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WEDNESDAY, NOVEMBER 14, 2012, 06:00 PM

City Council Chambers


The regular hearing of the Hearing Examiner was called to order.

Roll Call


Staff Members Present: Steve Sundin, Planner II; Kurt Nabbefeld, Senior Planner; Gina Austin, Project Engineer
Recording Secretary: Kristina J. Bowker

1. CUP2012-00006: Consideration of the construction of a new 20' x 90' boathouse to be located on top of an existing parking area, relocation of an existing 12.5' x 56' float/gangway, and installation of a pervious pathway leading from the boathouse to the relocated float. The float is currently located immediately north of the boat launch. The float and boathouse are intended for use by non-motorized water-craft. The proposal is generally located at the western edge of Bloedel Donovan Park, 2114 Electric Avenue (lengthy legal). Whatcom Rowing Association, applicant; Jon Sitkin, Chmelik, Sitkin & Davis, contact person; City of Bellingham Parks Department, owner. Public, Recreational Zoning, Urban I Shoreline Designation. Silver Beach Neighborhood, Area 12.

Hearing Examiner – Swears in staff and those wishing to comment. Stated that she is familiar with the site, and that she has reviewed the materials in the packet. Additional materials include e-mails from Wendy Harris, and Jon Sitkin with attachments, all dated November 14th.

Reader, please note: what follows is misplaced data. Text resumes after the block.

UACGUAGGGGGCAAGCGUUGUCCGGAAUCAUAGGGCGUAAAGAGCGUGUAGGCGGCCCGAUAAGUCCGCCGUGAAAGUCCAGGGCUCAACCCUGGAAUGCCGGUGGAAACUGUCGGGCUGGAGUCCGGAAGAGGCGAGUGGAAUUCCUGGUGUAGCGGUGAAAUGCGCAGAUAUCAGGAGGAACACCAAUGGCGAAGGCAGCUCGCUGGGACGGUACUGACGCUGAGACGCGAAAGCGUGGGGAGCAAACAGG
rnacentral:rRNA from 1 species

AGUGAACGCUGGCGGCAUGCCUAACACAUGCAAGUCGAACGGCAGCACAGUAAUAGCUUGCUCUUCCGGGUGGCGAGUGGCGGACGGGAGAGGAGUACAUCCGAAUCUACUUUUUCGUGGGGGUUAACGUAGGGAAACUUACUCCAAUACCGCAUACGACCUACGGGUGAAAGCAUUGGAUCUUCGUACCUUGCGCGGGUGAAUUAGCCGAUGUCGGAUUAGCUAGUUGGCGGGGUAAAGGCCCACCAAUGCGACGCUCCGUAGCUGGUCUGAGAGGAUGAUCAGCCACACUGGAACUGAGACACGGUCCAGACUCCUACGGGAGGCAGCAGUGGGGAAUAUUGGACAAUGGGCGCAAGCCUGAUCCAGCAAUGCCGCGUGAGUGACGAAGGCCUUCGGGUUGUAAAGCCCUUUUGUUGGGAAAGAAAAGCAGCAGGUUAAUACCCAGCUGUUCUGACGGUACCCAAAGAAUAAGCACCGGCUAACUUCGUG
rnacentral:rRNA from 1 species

Steve Sundin -- Thank you everyone for coming tonight. Will make a few brief points to allow for other presentations. Two parallel permit processes are required for this project. Tonight is to determine whether the use is allowed at Bloedel Donovan. The second part, which will occur at a later date, is the Shoreline Permit for the proposal. It requires additional review by the Shoreline Committee to review environmental impacts and any mitigation that may be necessary. Once the use is established, we will go further down into the rule and requirements for environmental impacts. This is the system we have for processing this particular proposal.
Regarding the concept of the Master Plan, the Bloedel Donovan Park Master Plan was approved by City Council in July 2012. It is a conceptual plan that lays out several objectives for the many groups that use the park. It doesn't grant the authority to approve permits, but sets-up a framework for preliminary design, seeking funds, acquiring permits, and then building projects. The whole plan looks at the entire park and the wide variety of different uses. The Parks Department has the job of balancing the many different uses at this popular park.
For the proposal, Planning Staff has reviewed the application and found that it meets the use criteria at the park, and compatible with the "neighborhood." Here, the neighborhood really is the park. They will undergo a more thorough review with the Shoreline Committee of the environmental elements. In March 2012, prior to the Master Plan being approved, the City approved a shoreline permit for the float and gangway only in its present location, over by the boat launch. They found and concluded that the Bloedel shoreline is set-up and used for that type of water-dependent uses, a float for boats to utilize. They concluded that there was no net loss to the existing shoreline ecological function. The float was designed so it is able to be moved if necessary. There are wetlands in proximity to the existing float location, but are essentially cut-off by the use of the boat launch. The float's location wasn't going to have an impact to the neighboring wetland to the south.